From Systems to Patterns: Toward curated web-networks of shareable knowledge in the age of clickbait and fake news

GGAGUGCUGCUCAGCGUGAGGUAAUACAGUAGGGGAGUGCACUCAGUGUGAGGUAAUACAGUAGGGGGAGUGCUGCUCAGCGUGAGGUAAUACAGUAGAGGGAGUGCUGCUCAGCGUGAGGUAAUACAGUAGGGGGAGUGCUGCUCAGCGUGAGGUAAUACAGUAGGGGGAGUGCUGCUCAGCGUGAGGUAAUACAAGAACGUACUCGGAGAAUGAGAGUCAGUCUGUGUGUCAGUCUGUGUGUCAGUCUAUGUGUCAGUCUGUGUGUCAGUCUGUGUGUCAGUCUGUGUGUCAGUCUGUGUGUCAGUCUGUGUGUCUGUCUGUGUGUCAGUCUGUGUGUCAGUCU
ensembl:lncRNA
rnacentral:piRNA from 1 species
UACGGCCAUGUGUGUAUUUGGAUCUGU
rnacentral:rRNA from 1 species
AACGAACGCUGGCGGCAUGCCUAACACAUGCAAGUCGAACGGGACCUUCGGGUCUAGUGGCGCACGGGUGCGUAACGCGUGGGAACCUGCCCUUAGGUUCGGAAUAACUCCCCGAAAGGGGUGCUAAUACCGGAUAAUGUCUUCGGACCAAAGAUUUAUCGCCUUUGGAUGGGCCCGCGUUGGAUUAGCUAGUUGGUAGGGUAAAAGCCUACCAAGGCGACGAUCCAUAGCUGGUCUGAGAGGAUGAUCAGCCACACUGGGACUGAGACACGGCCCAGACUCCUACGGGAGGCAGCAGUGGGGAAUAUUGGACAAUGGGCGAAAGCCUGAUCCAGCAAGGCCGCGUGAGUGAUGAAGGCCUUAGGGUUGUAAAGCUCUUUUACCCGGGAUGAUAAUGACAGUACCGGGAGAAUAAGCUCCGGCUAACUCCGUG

One of the most urgent issues today is the need — too often unmet — to develop and apply useful shareable knowledge to work effectively to meet our growing challenges. This issue is especially urgent in light of the rise of social media, information “bubbles”, clickbait, and other disturbing trends on the World Wide Web. Yet Wikipedia and related resources offer intriguing counter-examples. They begin to show ways that knowledge can be gathered, curated and shared effectively within a larger community, in much the same way that scientific knowledge is curated through an open-source process of peer review. Wiki was actually a direct outgrowth of the work of the architect Christopher Alexander, who developed “pattern languages” to capture actionable knowledge in relational, flexible, language-like forms. This talk will explore the close relationship between systems science and pattern languages, and the remarkably fruitful output that is now converging in interesting and hopeful ways. The presenter is a long-time colleague of Alexander, and a scholar on his work and its implications.